Stephen Richardson knew what he wanted, waited for it, and got it. The management major from Purdue University in Indiana wasn't tempted to take the first job offer he got last October - something job seekers in a dicier economy might do. He also passed on three other offers.
His patience paid off. After graduating later this month, Mr. Richardson will have his dream job waiting for him.
"I knew what I was capable of, and I was pretty confident that the job market was flourishing at that time," says Richardson, who will start a finance job at Procter & Gamble in June.
It's a buyer's market for many college grads looking for their first jobs this spring. Job-market analysts and career counselors see hiring growth in many sectors of the economy. Nationwide, employers plan to hire 13.8 percent more new graduates than they did last year, according to a survey by the National Association of Colleges and Employers (NACE) in Bethlehem, Pa.
While grads from the first half of this decade faced a leaner job market, many from the class of 2006 will have their pick of career opportunities.
"I think today the difference is that people coming out of school aren't treating the offers cavalierly like they might have then," says John Challenger of Chicago outplacement firm Challenger, Gray & Christmas. "They're more careful to take the right job."
Especially for grads who have gained work experience through internships, 2006 is a good year to graduate, experts say. Students with backgrounds in engineering and financial services are especially in demand this year. At the Colorado School of Mines, 79 percent of its December 2005 graduates had snagged jobs by graduation - its highest rate in 13 years, says Ron Brummett, director of the engineering school's career center. "We're guessing that our May graduates will be higher than that."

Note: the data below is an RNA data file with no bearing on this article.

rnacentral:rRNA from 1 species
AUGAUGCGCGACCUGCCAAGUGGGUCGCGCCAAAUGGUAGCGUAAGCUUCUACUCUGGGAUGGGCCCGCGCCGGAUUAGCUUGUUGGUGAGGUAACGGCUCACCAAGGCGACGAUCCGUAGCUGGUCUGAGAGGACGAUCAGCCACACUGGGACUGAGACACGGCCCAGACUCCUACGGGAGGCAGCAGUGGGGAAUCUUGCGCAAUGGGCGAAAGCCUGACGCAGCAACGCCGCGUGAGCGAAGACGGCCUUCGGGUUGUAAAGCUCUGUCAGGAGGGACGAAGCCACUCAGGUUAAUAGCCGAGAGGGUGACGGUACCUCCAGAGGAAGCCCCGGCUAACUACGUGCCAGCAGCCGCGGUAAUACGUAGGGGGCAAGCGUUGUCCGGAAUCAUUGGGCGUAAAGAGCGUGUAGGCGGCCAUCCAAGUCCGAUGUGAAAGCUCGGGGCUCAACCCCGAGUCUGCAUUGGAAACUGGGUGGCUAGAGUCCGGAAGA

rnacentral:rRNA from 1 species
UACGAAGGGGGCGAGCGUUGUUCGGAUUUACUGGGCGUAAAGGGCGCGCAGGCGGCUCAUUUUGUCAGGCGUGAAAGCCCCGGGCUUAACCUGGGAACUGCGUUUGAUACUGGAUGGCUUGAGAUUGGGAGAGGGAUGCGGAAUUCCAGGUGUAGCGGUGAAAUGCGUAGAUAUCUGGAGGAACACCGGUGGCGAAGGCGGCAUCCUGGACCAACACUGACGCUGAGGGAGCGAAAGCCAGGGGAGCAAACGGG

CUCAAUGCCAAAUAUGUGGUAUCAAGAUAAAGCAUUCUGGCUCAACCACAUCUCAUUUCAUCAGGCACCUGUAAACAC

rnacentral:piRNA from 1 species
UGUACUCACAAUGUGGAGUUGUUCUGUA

Mr. Brummett attributes this bonanza to widespread growth in a number of industries. "We've seen the mining industry come back, and we've begun to see semiconductor companies recruiting again, which we haven't seen in a few years."
Among the 2006 graduates to benefit from that climate: Mikell Taylor, an electrical engineering major at Franklin W. Olin College of Engineering in Needham, Mass. She mulled over job offers from two robotics firms and the Jet Propulsion Laboratory in Pasadena, Calif. before choosing on Bluefin Robotics. The Cambridge, Mass. firm works with navies and research institutions around the world. "I feel so lucky," she says.
Hiring of grads in the Northeast will rise 24.8 percent this year, NACE reports, followed by smaller increases in the South, Midwest, and West. Employers in the service sector and manufacturing report the highest levels of hiring, it says. Government and nonprofit employers plan to increase their hiring of college grads by 9 percent this year.